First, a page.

Saskatchewan Drive, Edmonton
In 2004 Laurence Decore—former Edmonton lawyer, mayor, Ukrainian community activist, multiculturalism advocate and leader of Alberta’s official Opposition—was honoured with a stretch of road along Saskatchewan Drive from Groat Road to 99 Street. Designated Laurence Decore Lookout, it offers spectacular views of the river valley and downtown.
A city councillor from 1974 to 1977, lawyer and businessman Laurence Decore became Edmonton’s second mayor of Ukrainian origin in 1983. He left municipal politics five years later to lead the Alberta Liberals and in 1993, as the rejuvenated party enjoyed its greatest success in decades, became leader of the official Opposition. Decore’s grandparents (the original surname was Dikur) had homesteaded east of the city, but his father John, who represented the Liberals in the House of Commons, chose law as a profession. Like both parents, Decore involved himself in Ukrainian community life and worked actively on behalf of a variety of Ukrainian causes. They included, in the Canadian context, the introduction in the 1970s of bilingual education in Alberta schools (with Edmonton the site of the pilot project) through the efforts of Edmonton’s Ukrainian Professional and Business Club in which Decore played a prominent role. They included, in the Ukrainian context, after Ukraine’s independence in 1991 and while still an MLA, chairing the Canada-Ukraine Business Initiative. Decore also actively promoted a wider multiculturalism, and crucially one that enjoyed taxpayer support, not only in Edmonton as mayor and as a provincial politician, but also at the national level. In 2004, five years after his death, Edmonton honoured Decore with a four-kilometre stretch of road designated as Laurence Decore Lookout. Extending along Saskatchewan Drive from Groat Road to 99 Street and marked with black-and-white signs, it offers spectacular views of the river valley and downtown, especially at night and especially from the viewing platform constructed at the intersection with Gateway Boulevard in Old Strathcona. For most of the distance, a pleasant walking and running path occupies the narrow space between the natural vegetation denoting the top of the riverbank and Saskatchewan Drive. Laurence Decore is buried at St. Michael Cemetery.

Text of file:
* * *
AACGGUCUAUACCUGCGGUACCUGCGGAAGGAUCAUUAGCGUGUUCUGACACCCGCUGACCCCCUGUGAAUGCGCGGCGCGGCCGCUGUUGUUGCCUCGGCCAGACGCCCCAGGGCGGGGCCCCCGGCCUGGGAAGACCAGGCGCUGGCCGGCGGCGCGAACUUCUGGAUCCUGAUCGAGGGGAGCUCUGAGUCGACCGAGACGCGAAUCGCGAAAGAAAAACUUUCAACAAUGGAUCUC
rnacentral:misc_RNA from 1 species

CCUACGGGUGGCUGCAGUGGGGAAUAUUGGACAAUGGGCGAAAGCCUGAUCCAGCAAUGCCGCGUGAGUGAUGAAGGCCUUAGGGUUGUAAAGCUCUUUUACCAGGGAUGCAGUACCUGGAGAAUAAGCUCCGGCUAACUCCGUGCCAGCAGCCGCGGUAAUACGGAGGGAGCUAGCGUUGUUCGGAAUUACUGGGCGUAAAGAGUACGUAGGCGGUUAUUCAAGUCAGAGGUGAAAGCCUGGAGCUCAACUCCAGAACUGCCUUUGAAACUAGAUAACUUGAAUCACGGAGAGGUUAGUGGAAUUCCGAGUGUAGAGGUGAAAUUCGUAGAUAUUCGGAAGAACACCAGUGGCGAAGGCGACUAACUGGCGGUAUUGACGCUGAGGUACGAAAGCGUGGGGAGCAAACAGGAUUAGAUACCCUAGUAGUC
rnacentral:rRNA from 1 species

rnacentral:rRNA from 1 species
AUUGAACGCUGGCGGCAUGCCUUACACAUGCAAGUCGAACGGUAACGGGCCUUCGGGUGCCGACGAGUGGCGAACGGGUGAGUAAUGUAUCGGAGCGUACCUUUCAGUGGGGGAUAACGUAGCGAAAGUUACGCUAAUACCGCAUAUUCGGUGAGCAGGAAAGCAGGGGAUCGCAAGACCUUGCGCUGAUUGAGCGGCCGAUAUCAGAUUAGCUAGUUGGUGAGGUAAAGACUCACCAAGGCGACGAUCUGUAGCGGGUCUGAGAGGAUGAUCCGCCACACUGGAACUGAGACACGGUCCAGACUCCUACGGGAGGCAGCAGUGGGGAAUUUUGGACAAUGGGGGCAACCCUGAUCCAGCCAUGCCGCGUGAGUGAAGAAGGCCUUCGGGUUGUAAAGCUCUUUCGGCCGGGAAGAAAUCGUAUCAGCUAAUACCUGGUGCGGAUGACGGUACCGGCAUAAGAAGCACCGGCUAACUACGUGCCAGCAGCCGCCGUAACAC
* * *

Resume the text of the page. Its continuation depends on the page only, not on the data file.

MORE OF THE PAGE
Era: City Modern
Themes: Sports, Leisure & Entertainment, Transportation
Cultural Groups: Ukrainian
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